Web Extra! Download a .pdf of the court’s opinion
First reported 6/2/2009 4:08 p.m.
Oak Park officials are expressing qualified optimism in the wake of a federal appeals court ruling upholding the right of Oak Park and Chicago to enact restrictive firearm laws.
In a unanimous ruling penned by Chief Appeals Court Judge Frank Easterbrook, the U.S. Court of Appeals for the 7th Circuit in Chicago ruled last Wednesday that a U.S. Supreme Court ruling last year recognizing citizens’ rights to bear arms did not apply to individual states. He was joined in the opinion by Circuit Court judges Richard Posner and William Bauer. All three judges were appointed to the federal bench by Republican presidents.
“The Supreme Court has rebuffed requests to apply the second amendment to the states,” Easterbrook wrote in affirming the lower court ruling.
The court’s ruling came in response to a lawsuit filed by the National Rifle Association in 2007. A lower court had thrown out those challenges in 2008.
The NRA wasted no time in appealing, filing a brief with the Supreme Court seeking a writ of certiorari, which is a request that the higher court get the case record for review from the appeals court.
Richard Pearson, executive director of the Illinois State Rifle Association, announced last week that he wants to take the case all the way to the U.S. Supreme Court. “The Constitution applies to states and local municipalities,” Pearson said on WBEZ radio. “Just like free speech, search and seizure does. That’s what we’re looking for is to get incorporated. So that this law applies to everyone in the nation.”
Oak Park Village President David Pope flatly disagreed with Pearson’s contention, and said he believed the Supreme Court likely would as well. The Supreme Court, he noted, “has already said some firearm regulation is constitutional.”
“There’s another piece of this issue that hasn’t gotten as much coverage,” Pope said. “That is the importance of municipalities and states being able to establish reasonable rules of procedure based upon the particular needs and circumstances of those areas.”
Oak Park Village Manager Tom Barwin said he was “just very pleased with the opinion.”
“It appears to be supportive of local voters on this vital issue of public safety,” Barwin said, noting that the NRA had prevailed in a previous high-profile case in which a Washington, D.C., handgun ban was ruled unconstitutional.
Barwin noted that Washington, D.C., is under federal, not state jurisdiction. “We’re not a federal enclave; we’re a local municipality. This law was passed by a majority of voters in Oak Park.”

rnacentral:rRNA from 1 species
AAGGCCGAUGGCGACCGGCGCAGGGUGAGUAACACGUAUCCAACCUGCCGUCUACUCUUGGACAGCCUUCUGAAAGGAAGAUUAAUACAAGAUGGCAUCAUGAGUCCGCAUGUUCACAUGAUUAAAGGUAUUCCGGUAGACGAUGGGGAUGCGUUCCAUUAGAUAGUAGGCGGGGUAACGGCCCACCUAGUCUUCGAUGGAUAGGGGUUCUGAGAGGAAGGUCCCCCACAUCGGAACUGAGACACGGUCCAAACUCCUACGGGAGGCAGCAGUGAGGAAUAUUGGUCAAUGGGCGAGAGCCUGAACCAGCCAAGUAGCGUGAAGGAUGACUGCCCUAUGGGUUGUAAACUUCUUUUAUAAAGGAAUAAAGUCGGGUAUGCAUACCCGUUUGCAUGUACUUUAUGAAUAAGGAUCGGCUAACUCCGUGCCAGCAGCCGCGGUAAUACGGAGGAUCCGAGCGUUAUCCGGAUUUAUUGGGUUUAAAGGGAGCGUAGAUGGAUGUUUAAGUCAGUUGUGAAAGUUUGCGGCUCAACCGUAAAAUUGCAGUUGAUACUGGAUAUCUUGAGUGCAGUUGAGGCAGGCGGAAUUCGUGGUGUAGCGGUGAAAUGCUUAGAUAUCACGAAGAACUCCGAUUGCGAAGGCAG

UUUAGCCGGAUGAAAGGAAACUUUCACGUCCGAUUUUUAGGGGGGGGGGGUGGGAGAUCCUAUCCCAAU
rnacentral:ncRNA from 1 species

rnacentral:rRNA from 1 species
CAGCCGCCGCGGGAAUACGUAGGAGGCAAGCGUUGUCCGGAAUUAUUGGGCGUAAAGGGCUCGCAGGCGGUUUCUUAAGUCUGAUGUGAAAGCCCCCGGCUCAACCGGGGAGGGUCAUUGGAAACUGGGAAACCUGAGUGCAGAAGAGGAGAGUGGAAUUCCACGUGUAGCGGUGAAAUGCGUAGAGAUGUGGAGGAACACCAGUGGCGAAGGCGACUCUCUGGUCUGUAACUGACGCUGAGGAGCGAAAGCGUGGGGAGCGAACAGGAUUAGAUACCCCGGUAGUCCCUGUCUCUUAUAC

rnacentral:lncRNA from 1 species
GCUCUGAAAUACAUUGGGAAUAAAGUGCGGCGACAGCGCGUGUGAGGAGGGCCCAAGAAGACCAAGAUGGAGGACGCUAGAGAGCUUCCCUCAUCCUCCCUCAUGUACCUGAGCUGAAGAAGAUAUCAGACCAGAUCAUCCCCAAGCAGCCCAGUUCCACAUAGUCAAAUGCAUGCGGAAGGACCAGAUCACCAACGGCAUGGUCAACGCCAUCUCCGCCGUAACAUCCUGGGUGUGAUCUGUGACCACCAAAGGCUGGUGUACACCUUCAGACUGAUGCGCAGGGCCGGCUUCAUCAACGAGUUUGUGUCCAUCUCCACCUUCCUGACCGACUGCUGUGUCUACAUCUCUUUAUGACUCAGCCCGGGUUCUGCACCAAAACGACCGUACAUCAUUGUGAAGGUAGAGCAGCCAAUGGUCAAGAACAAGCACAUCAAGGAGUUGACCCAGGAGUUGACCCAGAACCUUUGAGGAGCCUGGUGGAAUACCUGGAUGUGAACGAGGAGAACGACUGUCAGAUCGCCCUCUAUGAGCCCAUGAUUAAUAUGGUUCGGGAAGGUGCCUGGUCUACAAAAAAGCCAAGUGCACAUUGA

The decision is a vindication of the decision by the village board to stand firm in the face of the Washington decision and the Supreme Court ruling upholding second amendment rights.
Oak Park Police Chief Rick Tanksley, who has long argued that Oak Park faces circumstances not seen in rural areas, said “I think Oak Park is safer due to this decision.” Like Barwin, he expressed satisfaction that the village didn’t fold its hand after recent rulings appeared to side with the NRA.
“It’s a testament to Oak Park’s values and their willingness to fight for those values,” Tanksley said.
Pope said the village’s decision was eased a bit by two key factors. First, a number of lawyers contacted the village offering pro bono services, saving the village substantial legal fees. Then, when the City of Chicago announced last year that it would fight efforts to repeal its gun ban, Oak Park was effectively shielded from most of any potential plaintiff’s attorney’s fees, should the NRA prevail in their civil rights case.
Asked if the decision left the village in a strong position, Village Attorney Ray Heise, who wrote the village ordinance banning hand guns, said, “We should feel very good about this. The last two or three pages are golden,” Heise said, referring to the appellate court opinion.
The circuit court, Heise said, offered strong support for differences in federal and state laws, writing, “But the municipalities can, and do, stress another of the themes in the debate over incorporation of the Bill of Rights: That the Constitution establishes a federal republic where local differences are to be cherished as elements of liberty rather than extirpated in order to produce a single, nationally applicable rule.”
Heise also pointed to a paragraph in the appeals court ruling, noting, “In concluding their opinion, the judges held that the concept of federalism, of states’ rights, had a longer history than the constitution itself.”
“Federalism is an older and more deeply rooted tradition than is a right to carry any particular kind of weapon. How arguments of this kind will affect proposals to ‘incorporate’ the second amendment are for the Justices rather than a court of appeals,” Easterbrook wrote.
The doctrine of incorporation was crafted to preserve states’ rights under the constitution and to protect the right of the states to define the scope and content of civil liberties in disputes between a state and its citizens. Use of the doctrine has produced far-reaching reallocations of judicial power, slowly but steadily leading to much of the Bill of Rights being applied to states’ laws.
By the early 1960s, every clause in the Bill of Rights had been incorporated, except the 2nd, 3rd and 7th amendments and the grand jury indictment clause of the 5th Amendment. Heise said that even if the Supreme Court was to incorporate the 2ndamendment, the issue would go on.
“The game isn’t over,” Heise said, referring to a former Supreme Court justice. “Lewis Powell said that even with incorporation, the application of rules to state, local and federal governments can vary greatly.”